"I was passing the captain's door, which was ajar, and saw him give Dantès the packet and the letter."
"He has not mentioned a letter to me, but if he has one I have no doubt he will give it to me."
"Then, Monsieur Morrel, pray don't mention it to Dantès. Perhaps I am mistaken."
Just then the young man returned and Danglars retreated as before.
"Well, Dantès, have you finished now?"
"Then you can come and dine with us?"
"I beg you to excuse me, Monsieur Morrel. I owe my first visit to my father. All the same, I greatly appreciate the honour you pay me."
"You are quite right, Dantès. I know you are a good son."
"And do you know if my father is quite well?" he asked with some hesitation.
"Oh, I believe so, my dear Edmond, but I have not seen him lately. At any rate I am sure that he has not wanted for anything during your absence."
Dantès smiled. "My father is proud, monsieur, and even had he been in want of everything, I doubt whether he would have asked anything of anybody except God."
"Well, then, after this first visit has been paid, may we count on you?"
"Once more I must ask you excuse me, Monsieur Morrel. There is yet another visit which I am most anxious to pay."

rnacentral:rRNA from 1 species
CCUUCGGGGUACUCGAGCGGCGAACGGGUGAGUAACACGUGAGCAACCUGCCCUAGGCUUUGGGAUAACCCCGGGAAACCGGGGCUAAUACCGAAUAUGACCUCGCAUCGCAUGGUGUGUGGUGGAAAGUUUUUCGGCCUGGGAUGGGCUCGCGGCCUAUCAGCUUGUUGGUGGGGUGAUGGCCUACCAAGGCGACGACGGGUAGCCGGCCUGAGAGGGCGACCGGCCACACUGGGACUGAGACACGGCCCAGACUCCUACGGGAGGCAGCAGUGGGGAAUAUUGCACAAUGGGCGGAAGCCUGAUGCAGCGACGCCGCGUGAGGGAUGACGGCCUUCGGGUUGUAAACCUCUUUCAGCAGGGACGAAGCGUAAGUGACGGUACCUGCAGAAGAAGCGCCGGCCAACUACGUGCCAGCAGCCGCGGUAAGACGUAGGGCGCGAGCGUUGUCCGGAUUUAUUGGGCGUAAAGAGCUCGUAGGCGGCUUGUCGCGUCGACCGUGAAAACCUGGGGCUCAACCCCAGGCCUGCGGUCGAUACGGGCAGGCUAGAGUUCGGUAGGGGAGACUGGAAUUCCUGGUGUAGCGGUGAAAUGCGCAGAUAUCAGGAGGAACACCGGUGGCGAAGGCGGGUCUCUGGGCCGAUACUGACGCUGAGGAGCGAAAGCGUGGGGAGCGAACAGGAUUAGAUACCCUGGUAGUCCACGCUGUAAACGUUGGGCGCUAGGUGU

"True, Dantès; I had forgotten that there is at the Catalans someone who is awaiting you with as much impatience as your father--the fair Mercédès."
"Well! well!" said the shipowner. "Now I understand why she came to me three times for new of the Pharaon. Upon my word, Edmond, you are to be envied: she is a handsome girl. But don't let me keep you any longer. You have looked after my affairs so well that it is but your due that you should now have time to look after your own. Are you in need of money?"
"No, thank you, monsieur, I have all my pay from the voyage; that is nearly three months' salary."
"You are a careful fellow, Edmond."
"Say rather that I have a poor father."
"Yes, yes, I know you are a good son. Off you go to your father. I too have a son, and I should be very angry with anyone who kept him away from me after a three months' voyage."
"I have your leave, monsieur?" said the young man, saluting.
"Yes, if you have nothing more to say to me. By the way, before Captain Leclère died, did he not give you a letter for me?"
"He was unable to write, monsieur. But that reminds me, I shall have to ask you for a fortnight's leave."